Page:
Can Africa Diaspora Turn Africa Brain Drain into Brain Gain? – By Paul Omoruyi

It was a rapturous euphoria when we heard that our neighbor was among one of the 50 doctors selected from Nigeria to go to Saudi Arabia to practice medicine. He was a doctor at a popular Psychiatric Hospital in Benin City. The year was 1991. I was very young and callow. But that was my first experience of skilled workers emigrating from Nigeria. To many of us then (and unfortunately to so many now), it was the fulfillment of a life-long dream. The answered prayer of endless fasting!

As a student in one of the foremost citadel of higher learning in Nigeria, University of Benin, I saw my friends in school of engineering and medicine leave the country even before their degree certificates were issued. Some were recruited by foreign firms. For others, it was personal choice to seek better life abroad due to economic and political crises that have bedeviled Nigeria and most African countries over the last few decades – failing economies, high unemployment rates, armed conflict and lack of adequate social services. “Checking out of the country” to go abroad was the order of the day. Even college professors were also checking out in droves. Unfortunately (or should I say fortunately?), this writer also checked out as a student when the opportunity came. A United Nations study found that more than 20,000 skilled African professionals leave the continent annually to work and reside in other parts of the world.

Brain drain is a large-scale emigration of individuals with technical skills or knowledge. Recent study presented at the National Symposium on Ethiopian Diasporas shows Ethiopia has lost 75% of its skilled professionals during the past ten years. Now there are more Ethiopian doctors in Chicago than there are in Ethiopia! More than 60 per cent of doctors trained in Ghana have left the country. Nigeria figure is too scary to mention. A Canadian research found that nine African countries (Nigeria, South Africa, Zimbabwe, Ethiopia, Kenya, Malawi, Tanzania, Uganda and Zambia)  known to produce a large number of qualified professionals in the medical field are losing the equivalent of US$2 billion per year due to their healthcare professionals seeking employment in wealthier countries.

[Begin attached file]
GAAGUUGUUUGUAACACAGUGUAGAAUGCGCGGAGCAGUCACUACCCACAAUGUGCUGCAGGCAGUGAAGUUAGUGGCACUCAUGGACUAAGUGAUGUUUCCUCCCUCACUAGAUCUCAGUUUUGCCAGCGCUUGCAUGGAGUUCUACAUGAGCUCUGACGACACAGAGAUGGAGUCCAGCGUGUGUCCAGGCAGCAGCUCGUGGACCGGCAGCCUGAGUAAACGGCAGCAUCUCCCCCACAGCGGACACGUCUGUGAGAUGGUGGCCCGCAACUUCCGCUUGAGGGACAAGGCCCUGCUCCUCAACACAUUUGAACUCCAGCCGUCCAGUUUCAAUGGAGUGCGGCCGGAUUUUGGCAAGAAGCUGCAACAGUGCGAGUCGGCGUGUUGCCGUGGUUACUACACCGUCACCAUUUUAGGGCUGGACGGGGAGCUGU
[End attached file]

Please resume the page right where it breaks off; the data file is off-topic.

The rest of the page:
One does not need to be a rocket scientist to understand these numbers. Just take a walk to any Hospital in the New York area, you will find 1 Nigerian, Ghanaian or South African doctor (and at least 3-5 African nurses) in every shift.  It is the same for college professors, engineering and technology firms. Over the years, it seemed Africa train her professionals not for Africa but to meet the needs of other parts of the world.

In 2008, a friend of mine with a Respiratory Therapy degree (needless to say, an American Citizen) working for a top-notch Hospital in New York called me and bellowed “I am relocating to Naija”. “How long are you visiting”, I asked? “You no dey understand English again. I say I dey relocate to Naija and you say visit. Visit and relocate na the same thing”? he retorted with a friendly sarcasm. Since 2008, he has been living in Nigeria. He called me recently and indicated he is in the process of setting up a Radiologist Diagnostic Center in his town. Just like him, there are many other professional Diasporas who have relocated from UK, America and Canada for whatever reason and are already making little impact in their country’s landscape.

Whether it is the revolutionary transformation in the Nigerian-Ghanaian music and film industry, implementation of new technologies solution in private and public sectors or the political pressure initiated by African Diasporas for better governance in Africa, it appears African Diasporas (against all odds!) are beginning to turn African Brain Drain into Brain Gain. Like my Respiratory Therapist friend in Nigeria told me recently, it is not easy adjusting to the seemingly dysfunctional system and all the other challenges. But with resolute will and chutzpa, one can make some impacts in his or her little way.

Do you consider yourself an African Professional in the Diaspora? Or do you have friends or relatives who decided or decided not or even deciding to relocate back to Africa? Share your thoughts and experience on this trend. Can African Professionals in the Diaspora serve as a catalyst to speed up development in Africa?

-Paul Omoruyi

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Comments

  1. Adansonia Digittata says:

    Diaspora Africans sure have a lot to learn from this article. This is the time for them to evaluate themselves and think of the positive contribution they could render to the mother land. A lot of our African diaspora professionals are still young and in their prime all they need is the will power to come home and contribute positively to the economic and political development of the continent. Definitely It won’t be easy to leave their comfort zones(The seemingly bread and butter AMERICA, CANADA & OTHER INDUSTRIALIZED NATIONS) and come home to roost as many believe it will take time for them to adapt to day to day challenges that present itself in everyday life in Africa. So many of them only think of coming home when they are in their 50s and 60s and at this time they are already a spent force. This is quite absurd!

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